By SARAH RAYMUNDO
It is no longer a matter of revelation to say that the crisis of governance plaguing the Aquino regime is brought about by a political system that Aquino himself preserves. Is the Aquino regime looking like it is beyond social redemption? It is because of its slow and inefficient handling of a scandal that, for an extended period, has shaken the foundations of the three branches of government, the executive, legislative, and judiciary.
The devil and the deep blue sea in a semi-colony
The president and his staff are by no means a bunch of lazy slackers resistant to action. The persistence of the pork barrel system, in fact, owes much to their frenzied pork barrel buzz. However, these actions are geared toward the perpetuation of bureaucrat capitalism, which, in turn, breeds political dynasties, patronage politics, and all forms of government corruption.
In a semi-colony like the Philippines, running a government means having a gang of bureaucrats who come from the economic elite closely allied to its US imperialist counterpart. Political power melds with economic power forming a plutocracy that makes up the gang of compradors in this country. Plutocrats can only cultivate their interest in profit accumulation through the hijack of state bureaucracy. It is criminal. Yet the crime is committed with impunity.
Of course, Malacanang brags about doing something about the pork barrel scandal by going after a few crooks in the opposition. Senator Bong Revilla is of the opposition. And just when one was expecting a figure from the opposition to speak against a Senate that normalizes plutocracy and dynastic politics, Revilla only made sure that he will go down in history as the senator who clinched a compelling unity among the people: “Between the devil and the deep blue sea, we choose nothing.”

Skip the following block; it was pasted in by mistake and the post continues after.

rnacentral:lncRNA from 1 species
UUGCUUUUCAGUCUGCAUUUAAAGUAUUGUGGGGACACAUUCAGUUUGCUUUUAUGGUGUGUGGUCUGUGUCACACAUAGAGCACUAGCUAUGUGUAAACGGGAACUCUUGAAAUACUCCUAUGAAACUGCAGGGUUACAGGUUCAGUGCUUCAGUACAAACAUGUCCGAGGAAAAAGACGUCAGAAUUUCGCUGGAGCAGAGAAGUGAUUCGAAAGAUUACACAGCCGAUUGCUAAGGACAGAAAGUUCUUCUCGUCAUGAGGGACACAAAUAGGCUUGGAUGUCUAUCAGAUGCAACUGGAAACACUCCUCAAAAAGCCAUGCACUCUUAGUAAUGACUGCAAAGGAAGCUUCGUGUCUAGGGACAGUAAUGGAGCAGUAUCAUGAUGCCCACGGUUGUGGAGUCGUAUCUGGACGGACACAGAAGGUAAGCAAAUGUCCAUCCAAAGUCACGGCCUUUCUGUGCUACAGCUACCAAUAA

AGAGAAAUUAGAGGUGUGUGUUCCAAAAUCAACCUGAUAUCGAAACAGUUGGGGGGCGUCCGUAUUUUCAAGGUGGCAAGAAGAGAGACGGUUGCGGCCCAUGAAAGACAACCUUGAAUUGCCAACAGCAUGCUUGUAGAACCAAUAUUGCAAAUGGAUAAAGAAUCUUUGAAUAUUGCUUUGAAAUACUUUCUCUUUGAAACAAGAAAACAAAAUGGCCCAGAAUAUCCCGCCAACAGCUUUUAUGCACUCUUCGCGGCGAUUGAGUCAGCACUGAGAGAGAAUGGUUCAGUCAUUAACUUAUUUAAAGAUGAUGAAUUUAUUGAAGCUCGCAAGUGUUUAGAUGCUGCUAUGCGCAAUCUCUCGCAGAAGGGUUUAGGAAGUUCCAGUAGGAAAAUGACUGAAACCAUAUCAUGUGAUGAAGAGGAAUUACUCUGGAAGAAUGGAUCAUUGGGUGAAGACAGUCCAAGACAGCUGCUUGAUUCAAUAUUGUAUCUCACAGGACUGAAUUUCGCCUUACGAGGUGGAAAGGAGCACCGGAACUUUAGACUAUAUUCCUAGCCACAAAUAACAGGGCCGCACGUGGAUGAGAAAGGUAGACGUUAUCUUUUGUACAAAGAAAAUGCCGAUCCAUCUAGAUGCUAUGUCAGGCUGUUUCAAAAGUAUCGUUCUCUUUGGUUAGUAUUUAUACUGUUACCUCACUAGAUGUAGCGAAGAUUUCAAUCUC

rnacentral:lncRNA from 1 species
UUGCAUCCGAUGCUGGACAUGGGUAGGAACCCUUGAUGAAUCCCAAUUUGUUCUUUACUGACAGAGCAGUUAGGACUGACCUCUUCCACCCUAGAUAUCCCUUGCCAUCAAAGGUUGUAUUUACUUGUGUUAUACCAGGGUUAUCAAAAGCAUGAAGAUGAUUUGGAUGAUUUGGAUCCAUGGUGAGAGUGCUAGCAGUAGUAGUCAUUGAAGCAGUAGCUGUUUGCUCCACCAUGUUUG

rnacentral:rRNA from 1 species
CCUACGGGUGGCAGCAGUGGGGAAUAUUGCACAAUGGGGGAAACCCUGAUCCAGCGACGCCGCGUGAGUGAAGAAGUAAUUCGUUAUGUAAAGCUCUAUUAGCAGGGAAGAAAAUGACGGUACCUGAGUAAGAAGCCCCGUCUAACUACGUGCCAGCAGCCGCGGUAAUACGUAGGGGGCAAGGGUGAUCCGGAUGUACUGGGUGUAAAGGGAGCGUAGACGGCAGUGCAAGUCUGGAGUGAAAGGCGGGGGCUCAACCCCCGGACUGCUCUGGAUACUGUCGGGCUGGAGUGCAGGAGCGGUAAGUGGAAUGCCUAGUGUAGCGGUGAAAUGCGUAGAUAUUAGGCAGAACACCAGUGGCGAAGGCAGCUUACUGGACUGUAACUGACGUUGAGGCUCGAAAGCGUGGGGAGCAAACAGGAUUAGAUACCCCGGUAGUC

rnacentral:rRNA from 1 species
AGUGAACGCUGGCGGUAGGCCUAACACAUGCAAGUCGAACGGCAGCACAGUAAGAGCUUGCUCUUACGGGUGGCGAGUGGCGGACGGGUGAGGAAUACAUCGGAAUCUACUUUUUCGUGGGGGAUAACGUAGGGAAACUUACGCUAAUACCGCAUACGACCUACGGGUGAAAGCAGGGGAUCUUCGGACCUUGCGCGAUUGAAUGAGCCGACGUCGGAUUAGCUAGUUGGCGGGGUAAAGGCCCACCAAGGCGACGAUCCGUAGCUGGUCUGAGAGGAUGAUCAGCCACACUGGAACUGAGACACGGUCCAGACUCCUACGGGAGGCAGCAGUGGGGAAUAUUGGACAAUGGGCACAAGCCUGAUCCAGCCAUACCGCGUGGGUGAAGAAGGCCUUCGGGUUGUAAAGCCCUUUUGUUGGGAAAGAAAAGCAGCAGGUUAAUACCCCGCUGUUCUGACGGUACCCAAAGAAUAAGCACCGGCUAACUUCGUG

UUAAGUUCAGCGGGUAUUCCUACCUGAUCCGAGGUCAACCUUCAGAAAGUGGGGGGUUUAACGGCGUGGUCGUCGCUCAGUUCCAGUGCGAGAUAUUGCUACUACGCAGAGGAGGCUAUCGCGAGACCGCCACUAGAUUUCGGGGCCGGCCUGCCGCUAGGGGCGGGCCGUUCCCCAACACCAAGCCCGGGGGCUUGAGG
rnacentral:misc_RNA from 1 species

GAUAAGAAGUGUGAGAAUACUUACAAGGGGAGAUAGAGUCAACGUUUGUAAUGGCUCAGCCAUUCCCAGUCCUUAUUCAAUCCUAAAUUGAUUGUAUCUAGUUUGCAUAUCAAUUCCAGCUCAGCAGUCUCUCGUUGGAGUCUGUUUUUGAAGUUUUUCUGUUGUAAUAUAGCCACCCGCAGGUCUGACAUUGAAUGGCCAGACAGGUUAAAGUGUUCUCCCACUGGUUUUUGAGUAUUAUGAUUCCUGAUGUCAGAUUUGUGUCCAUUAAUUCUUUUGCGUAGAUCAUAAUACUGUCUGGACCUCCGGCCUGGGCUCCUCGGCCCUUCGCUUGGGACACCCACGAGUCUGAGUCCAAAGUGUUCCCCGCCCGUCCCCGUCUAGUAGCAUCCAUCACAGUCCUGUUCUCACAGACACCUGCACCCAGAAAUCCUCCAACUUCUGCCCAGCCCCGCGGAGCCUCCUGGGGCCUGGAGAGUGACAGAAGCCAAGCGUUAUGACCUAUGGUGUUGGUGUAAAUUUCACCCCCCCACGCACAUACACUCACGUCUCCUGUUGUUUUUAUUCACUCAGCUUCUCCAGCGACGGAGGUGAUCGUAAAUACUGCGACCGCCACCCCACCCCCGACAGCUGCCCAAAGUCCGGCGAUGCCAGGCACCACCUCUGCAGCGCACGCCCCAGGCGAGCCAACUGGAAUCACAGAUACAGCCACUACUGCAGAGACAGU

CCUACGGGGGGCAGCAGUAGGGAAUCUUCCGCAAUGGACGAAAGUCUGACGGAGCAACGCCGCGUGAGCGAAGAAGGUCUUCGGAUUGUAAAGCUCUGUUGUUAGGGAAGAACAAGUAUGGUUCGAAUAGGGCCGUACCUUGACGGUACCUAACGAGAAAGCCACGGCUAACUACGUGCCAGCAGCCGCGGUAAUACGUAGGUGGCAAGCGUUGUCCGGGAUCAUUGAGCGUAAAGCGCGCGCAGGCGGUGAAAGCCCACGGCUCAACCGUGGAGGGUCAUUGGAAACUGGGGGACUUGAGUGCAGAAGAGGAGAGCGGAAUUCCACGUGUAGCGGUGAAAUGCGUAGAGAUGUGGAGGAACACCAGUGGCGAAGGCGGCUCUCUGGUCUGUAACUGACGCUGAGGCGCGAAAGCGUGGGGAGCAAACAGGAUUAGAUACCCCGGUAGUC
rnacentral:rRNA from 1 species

His privilege speech was a mash up of populist pseudo-democratic appeal to national unity crossed with folksy humor. It spoke of the Senate as an estate that operates under the rules of inheritance. In some instances, he made it sound like the Senate is the lair of wild predatory animals. In other parts, the Senate sure looks like an exclusive casa where the inheritance of genetic trait occurs among its members as a matter of course. Overall, the privilege speech approximated the sordid state of the Philippine Senate beleaguered by bureaucrat capitalism.
Forced Consensus vs. Collective Multiplicity
Such is the forced consensus of a government that is currently hijacked by the ruling elite. Elite rule is only interested in profit making and hostile to the idea of human needs. Yet in a dialectical fashion, this forced consensus, also constructs a collective multiplicity. Against the spin doctors of the Aquino regime who can only cite surveys that prove the president’s sustained popularity to invoke a crude notion of “the majority,” it must be clarified that collective multiplicity is not a numerical concept.
Collective multiplicity is an endeavour that entails a mobilization of people’s noble desires. These desires are particularly encapsulated in the ideals of good governance, peace based on social justice, and in the demand for social services, jobs, wage hikes, rights. Collective multiplicity is concretized in social activism. And among social activists, the question of “to be or not to be” is ultimately what drives us to make the impossible possible. The possibility of progressive change, which the government does not only abandon but avidly thwarts, is the target of the anti-Aquino slogan, “Walang pagbabago sa ilalim ni Aquino” (“No change under Aquino!”).
Along came Emmanuel